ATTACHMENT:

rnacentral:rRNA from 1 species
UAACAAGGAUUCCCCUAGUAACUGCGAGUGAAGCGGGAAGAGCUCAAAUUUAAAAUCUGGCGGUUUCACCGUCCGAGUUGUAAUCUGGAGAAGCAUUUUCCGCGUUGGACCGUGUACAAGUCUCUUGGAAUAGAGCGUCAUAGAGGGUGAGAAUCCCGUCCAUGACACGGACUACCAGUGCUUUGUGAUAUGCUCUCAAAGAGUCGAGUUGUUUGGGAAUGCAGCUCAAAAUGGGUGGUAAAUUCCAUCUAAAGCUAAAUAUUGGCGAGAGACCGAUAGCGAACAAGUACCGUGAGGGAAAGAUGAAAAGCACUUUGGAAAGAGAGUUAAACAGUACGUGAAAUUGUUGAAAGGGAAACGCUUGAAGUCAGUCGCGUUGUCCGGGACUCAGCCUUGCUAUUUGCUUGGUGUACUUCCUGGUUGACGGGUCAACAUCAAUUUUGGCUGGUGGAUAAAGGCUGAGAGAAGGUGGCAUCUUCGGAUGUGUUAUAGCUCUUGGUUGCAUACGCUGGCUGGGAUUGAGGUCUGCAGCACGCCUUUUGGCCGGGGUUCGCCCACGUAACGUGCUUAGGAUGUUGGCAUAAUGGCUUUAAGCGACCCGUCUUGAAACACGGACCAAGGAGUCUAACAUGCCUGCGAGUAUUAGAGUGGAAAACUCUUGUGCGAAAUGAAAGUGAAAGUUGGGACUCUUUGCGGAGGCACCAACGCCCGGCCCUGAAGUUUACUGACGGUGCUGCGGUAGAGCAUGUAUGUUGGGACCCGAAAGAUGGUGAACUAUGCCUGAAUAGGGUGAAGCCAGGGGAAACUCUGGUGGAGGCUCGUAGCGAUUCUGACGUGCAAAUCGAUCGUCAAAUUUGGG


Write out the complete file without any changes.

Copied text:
rnacentral:rRNA from 1 species
UAACAAGGAUUCCCCUAGUAACUGCGAGUGAAGCGGGAAGAGCUCAAAUUUAAAAUCUGGCGGUUUCACCGUCCGAGUUGUAAUCUGGAGAAGCAUUUUCCGCGUUGGACCGUGUACAAGUCUCUUGGAAUAGAGCGUCAUAGAGGGUGAGAAUCCCGUCCAUGACACGGACUACCAGUGCUUUGUGAUAUGCUCUCAAAGAGUCGAGUUGUUUGGGAAUGCAGCUCAAAAUGGGUGGUAAAUUCCAUCUAAAGCUAAAUAUUGGCGAGAGACCGAUAGCGAACAAGUACCGUGAGGGAAAGAUGAAAAGCACUUUGGAAAGAGAGUUAAACAGUACGUGAAAUUGUUGAAAGGGAAACGCUUGAAGUCAGUCGCGUUGUCCGGGACUCAGCCUUGCUAUUUGCUUGGUGUACUUCCUGGUUGACGGGUCAACAUCAAUUUUGGCUGGUGGAUAAAGGCUGAGAGAAGGUGGCAUCUUCGGAUGUGUUAUAGCUCUUGGUUGCAUACGCUGGCUGGGAUUGAGGUCUGCAGCACGCCUUUUGGCCGGGGUUCGCCCACGUAACGUGCUUAGGAUGUUGGCAUAAUGGCUUUAAGCGACCCGUCUUGAAACACGGACCAAGGAGUCUAACAUGCCUGCGAGUAUUAGAGUGGAAAACUCUUGUGCGAAAUGAAAGUGAAAGUUGGGACUCUUUGCGGAGGCACCAACGCCCGGCCCUGAAGUUUACUGACGGUGCUGCGGUAGAGCAUGUAUGUUGGGACCCGAAAGAUGGUGAACUAUGCCUGAAUAGGGUGAAGCCAGGGGAAACUCUGGUGGAGGCUCGUAGCGAUUCUGACGUGCAAAUCGAUCGUCAAAUUUGGG